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British Columbia Sheriff Service

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British Columbia Sheriff Service (BCSS) traces its roots to the first Sheriff appointed by Governor James Douglas in 1857 for the Colony of Vancouver Island in what is now British Columbia, Canada. Governor Douglas appointed Andrew Muir who derived his authority from English common law and who holds the distinction of being the first sworn Peace Officer in what is now the Province of British Columbia. The modern BCSS was formed after a consolidation of County Sheriffs by the New Democratic government in 1974, and placed under the Ministry of the Attorney General.

British Columbia Sheriff Service
Common name Sheriff Service
Abbreviation BCSS
BC Sheriff Badge.png
Wallet Badge of BC Sheriff Service
British Columbia Sheriff Service (badge).jpg
Shoulder Flash
BC Sheriff CoA.jpg
BC Sheriff Service Coat of Arms
Motto Honour, Integrity, Commitment
Agency overview
Formed 1974; inception 1857
Legal personality Governmental: Government agency
Jurisdictional structure
Operations jurisdiction* Province of British Columbia, Canada
Size 944,735 km2
Population 4,622,000
Legal jurisdiction Province of British Columbia
Governing body Ministry of Justice
Constituting instrument Sheriff Act and Police Act
General nature
Operational structure
Headquarters Victoria, BC
Deputy Sheriffs 455
Civilian employees 5
Elected officer responsible The Honourable David Eby, Minister of Justice and Attorney General
Agency executive Paul Corrado, Executive Director & Chief Sheriff
Stations 44[1]
Patrol cars Crown Victoria Police Interceptors Chevrolet Suburban Police Chevrolet Tahoe Police special Chevrolet Express Van Police package Ford E - series Van Police package
B.C. Sheriff Service
* Divisional agency: Division of the country, over which the agency has usual operational jurisdiction.


Scope of authorityEdit

BCSS members are Peace Officers who receive their authority from the Criminal Code, the BC Police Act, the BC Sheriff Act and as such have legislated authority to enforce provincial and federal statutes that refer to the empowerment of Peace Officers, they have authority throughout the Province of British Columbia.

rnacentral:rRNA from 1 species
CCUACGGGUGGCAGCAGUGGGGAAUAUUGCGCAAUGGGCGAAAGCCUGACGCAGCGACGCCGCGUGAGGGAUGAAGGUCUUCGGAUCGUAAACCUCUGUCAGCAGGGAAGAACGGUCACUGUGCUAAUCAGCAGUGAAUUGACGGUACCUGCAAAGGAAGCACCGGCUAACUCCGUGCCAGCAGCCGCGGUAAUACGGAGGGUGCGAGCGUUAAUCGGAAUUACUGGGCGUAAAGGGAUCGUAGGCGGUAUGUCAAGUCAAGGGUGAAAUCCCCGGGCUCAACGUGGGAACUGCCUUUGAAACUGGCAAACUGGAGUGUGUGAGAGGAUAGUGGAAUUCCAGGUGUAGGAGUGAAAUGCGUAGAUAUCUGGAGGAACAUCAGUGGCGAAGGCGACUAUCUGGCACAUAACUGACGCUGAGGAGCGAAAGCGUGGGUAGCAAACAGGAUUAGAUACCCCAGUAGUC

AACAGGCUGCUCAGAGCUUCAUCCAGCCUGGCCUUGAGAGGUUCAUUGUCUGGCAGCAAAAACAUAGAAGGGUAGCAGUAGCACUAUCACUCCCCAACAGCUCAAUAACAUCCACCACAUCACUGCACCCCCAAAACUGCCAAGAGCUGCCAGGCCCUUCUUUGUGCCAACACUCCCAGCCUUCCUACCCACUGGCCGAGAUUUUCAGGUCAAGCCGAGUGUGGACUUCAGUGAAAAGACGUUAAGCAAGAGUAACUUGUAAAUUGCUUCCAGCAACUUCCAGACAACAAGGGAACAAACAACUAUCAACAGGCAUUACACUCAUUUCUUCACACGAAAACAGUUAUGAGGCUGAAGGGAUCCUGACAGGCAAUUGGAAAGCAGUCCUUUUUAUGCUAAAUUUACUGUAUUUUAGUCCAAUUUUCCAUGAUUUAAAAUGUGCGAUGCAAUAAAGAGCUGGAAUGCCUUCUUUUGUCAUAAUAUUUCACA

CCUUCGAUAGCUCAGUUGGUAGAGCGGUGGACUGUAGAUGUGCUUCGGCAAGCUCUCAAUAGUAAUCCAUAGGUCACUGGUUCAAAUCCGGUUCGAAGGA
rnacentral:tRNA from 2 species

BCSS members carry out protective and enforcement duties in support of the administration of Justice. Responsibilities include the protection of the Provincial, Supreme and Appeal Courts of BC, planning high security trials, utilizing Special Operations Teams, Intelligence Unit, assessing threats towards those employed in the Justice system and B.C Government, protection of Judges, Crown Prosecutors and those employed by government, managing detention cells, transportation of prisoners by ground and air, manage and provide protection for Juries, serve court-related documents, execute court orders, execute criminal and civil warrants, and manage Coroner's courts. Highly specialized training has been provided to some BCSS members who are trained in the collection and handling of DNA samples and fingerprints taken under court order from named person(s) and whose samples are in turn then transferred to the Canadian National DNA Data Bank in Ottawa.


Recruiting of new Sheriff Deputies is handled by the Service's Recruiting and Selection Unit. Applicants must meet and pass provincial standards, several interview processes - panel interview, lifestyle and integrity questionnaire interview & investigation and a polygraph / computer voice stress analyzer interview - criminal record and background checks, physical fitness testing, driver testing, vision testing and a pre-employment medical.